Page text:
body{ text-shadow: 0px 0px 4px rgba(150, 150, 150, 1); }

Sunday, 18 February 2018

Sunburst “Ave Africa” 1976 Tanzanian Afro Beat,Afro Funk,Afro Psych Soul- 2016- 2 LP`s + CD The Complete Recordings 1973-1976


Sunburst “Ave Africa” 1976 Tanzanian Afro Beat,Afro Funk,Afro Psych Soul- 2016- 2 LP`s + CD The Complete Recordings 1973-1976 ..recommended..!
full vk
https://vk.com/wall312142499_9287

https://vk.com/wall-134835653_1106

full bandcamp

https://sunburstmusic.bandcamp.com/album/ave-africa-the-complete-recordings-1973-1976

full spotify

https://open.spotify.com/album/3VrzpyV8vv4TSHyrBsAZq3




Reissue label favourites Strut present a compilation of Tanzania psych rock legends Sunburst, heavily channeling Ofo The Black Company or Amadou Balake vibes here. Uplifting, full of joyful guitar leads and synth hooks and not to mention some of the lyrics; ‘Music will make you smile, your day will come’ would lighten up anyone’s mood! Sunbursts music is self-referentially ‘Kitoto Sound’, which apparently reflects the diverse backgrounds of each of the band members. Heavily recurring themes include black pride and colonial oppression, and apparently the band even played a gig for civil rights heroine Angela Davis when she visited Tanzania…..~ 


Strut is extremely proud to present a definitive collection of recordings from one of Tanzania’s most revered but short-lived bands of the 1970s, Sunburst. Covering their entire output from 1973 to 1976, this first retrospective features music from their 45 RPM singles “Moto Moto” and “TFC,” as well as their sole album, Ave Africa, and an unreleased radio session recorded in Tanzania in 1973.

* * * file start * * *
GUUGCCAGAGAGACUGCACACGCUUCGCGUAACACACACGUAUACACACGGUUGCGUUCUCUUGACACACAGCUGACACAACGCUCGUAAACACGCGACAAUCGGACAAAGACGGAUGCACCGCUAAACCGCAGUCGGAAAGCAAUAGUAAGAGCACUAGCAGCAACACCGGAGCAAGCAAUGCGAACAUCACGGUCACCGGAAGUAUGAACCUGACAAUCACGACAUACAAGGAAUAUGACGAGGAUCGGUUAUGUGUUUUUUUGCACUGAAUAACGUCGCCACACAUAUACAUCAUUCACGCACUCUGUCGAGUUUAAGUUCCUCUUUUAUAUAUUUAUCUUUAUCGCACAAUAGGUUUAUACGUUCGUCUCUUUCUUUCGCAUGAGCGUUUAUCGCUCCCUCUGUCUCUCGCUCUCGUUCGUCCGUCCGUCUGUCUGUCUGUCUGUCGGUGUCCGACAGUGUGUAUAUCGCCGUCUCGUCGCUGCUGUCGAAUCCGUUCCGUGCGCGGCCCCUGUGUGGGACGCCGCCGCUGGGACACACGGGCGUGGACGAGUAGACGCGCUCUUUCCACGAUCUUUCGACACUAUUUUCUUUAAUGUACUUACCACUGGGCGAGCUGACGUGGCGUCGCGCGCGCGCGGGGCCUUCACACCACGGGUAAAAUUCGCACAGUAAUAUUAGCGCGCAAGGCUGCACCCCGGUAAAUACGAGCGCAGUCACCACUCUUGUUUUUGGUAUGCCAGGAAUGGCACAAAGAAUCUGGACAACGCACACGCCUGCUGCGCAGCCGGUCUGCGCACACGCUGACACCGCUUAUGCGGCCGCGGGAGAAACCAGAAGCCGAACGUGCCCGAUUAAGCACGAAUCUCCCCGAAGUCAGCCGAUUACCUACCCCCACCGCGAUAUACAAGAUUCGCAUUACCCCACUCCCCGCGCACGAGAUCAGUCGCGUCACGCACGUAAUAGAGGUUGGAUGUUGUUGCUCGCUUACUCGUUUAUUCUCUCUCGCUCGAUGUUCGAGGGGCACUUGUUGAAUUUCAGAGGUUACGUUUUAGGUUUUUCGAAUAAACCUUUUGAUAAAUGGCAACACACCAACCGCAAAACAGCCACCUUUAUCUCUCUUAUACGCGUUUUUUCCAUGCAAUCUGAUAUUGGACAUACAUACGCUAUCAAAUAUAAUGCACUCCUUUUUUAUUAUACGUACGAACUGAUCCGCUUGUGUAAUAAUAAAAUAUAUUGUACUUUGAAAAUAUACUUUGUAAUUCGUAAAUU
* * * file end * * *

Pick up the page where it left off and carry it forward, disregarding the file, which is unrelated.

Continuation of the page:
Sunburst was formed in 1970 by Zairean guitarist Hembi Flory Kongo who recruited resident drummer Johnny “Rocks” Fernandes, bass player Bashir Idi Farhan and organist / vocalist Kassim Magati. They were soon joined by Zambian-born lead singer James Mpungo.Having developing their sound via covers-heavy live performances and a string of early singles, Sunburst’s sole LP came out at a time when Zambia was enjoying a stream of releases by bands that would now be considered icons of Zamrock such as Witch, Ngozi Family, Musi-O-Tunya and The Blackfoot. The sleeve text described the Sunburst sound as “a fusion of the traditional sounds of Africa with Western Rock, spiced with a piece of the Caribbean” but the intricacies of the Kitoto Sound that Sunburst had crafted for years peaked on this recording. Band members born in six different countries were tapping into a multitude of influences, styles, languages and stories. “We try to compose songs that have a bearing to the situation we live in,” James Mpungo recounted at the time. “Our songs are songs that support freedom struggles, songs that encourage peasants and workers to work harder, songs in praise of our leaders. We also sing a lot of songs criticizing our people for allowing themselves to be too westernized and throwing away their traditional values. And above all, we preach love and happiness!”….~